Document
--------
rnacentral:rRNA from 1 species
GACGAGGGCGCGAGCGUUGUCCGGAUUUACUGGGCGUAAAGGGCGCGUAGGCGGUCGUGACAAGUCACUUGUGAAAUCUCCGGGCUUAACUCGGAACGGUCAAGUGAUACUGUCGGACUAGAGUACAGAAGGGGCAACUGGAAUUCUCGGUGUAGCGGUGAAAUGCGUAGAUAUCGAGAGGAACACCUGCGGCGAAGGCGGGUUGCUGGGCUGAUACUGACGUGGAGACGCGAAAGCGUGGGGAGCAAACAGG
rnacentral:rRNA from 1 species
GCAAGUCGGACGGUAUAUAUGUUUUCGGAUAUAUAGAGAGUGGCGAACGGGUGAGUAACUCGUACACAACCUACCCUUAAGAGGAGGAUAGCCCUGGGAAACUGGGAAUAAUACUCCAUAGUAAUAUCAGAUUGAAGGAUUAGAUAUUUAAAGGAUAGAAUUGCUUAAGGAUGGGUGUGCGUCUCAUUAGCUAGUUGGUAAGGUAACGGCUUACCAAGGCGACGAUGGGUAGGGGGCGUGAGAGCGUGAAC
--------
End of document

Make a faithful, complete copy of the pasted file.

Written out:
rnacentral:rRNA from 1 species
GACGAGGGCGCGAGCGUUGUCCGGAUUUACUGGGCGUAAAGGGCGCGUAGGCGGUCGUGACAAGUCACUUGUGAAAUCUCCGGGCUUAACUCGGAACGGUCAAGUGAUACUGUCGGACUAGAGUACAGAAGGGGCAACUGGAAUUCUCGGUGUAGCGGUGAAAUGCGUAGAUAUCGAGAGGAACACCUGCGGCGAAGGCGGGUUGCUGGGCUGAUACUGACGUGGAGACGCGAAAGCGUGGGGAGCAAACAGG
rnacentral:rRNA from 1 species
GCAAGUCGGACGGUAUAUAUGUUUUCGGAUAUAUAGAGAGUGGCGAACGGGUGAGUAACUCGUACACAACCUACCCUUAAGAGGAGGAUAGCCCUGGGAAACUGGGAAUAAUACUCCAUAGUAAUAUCAGAUUGAAGGAUUAGAUAUUUAAAGGAUAGAAUUGCUUAAGGAUGGGUGUGCGUCUCAUUAGCUAGUUGGUAAGGUAACGGCUUACCAAGGCGACGAUGGGUAGGGGGCGUGAGAGCGUGAAC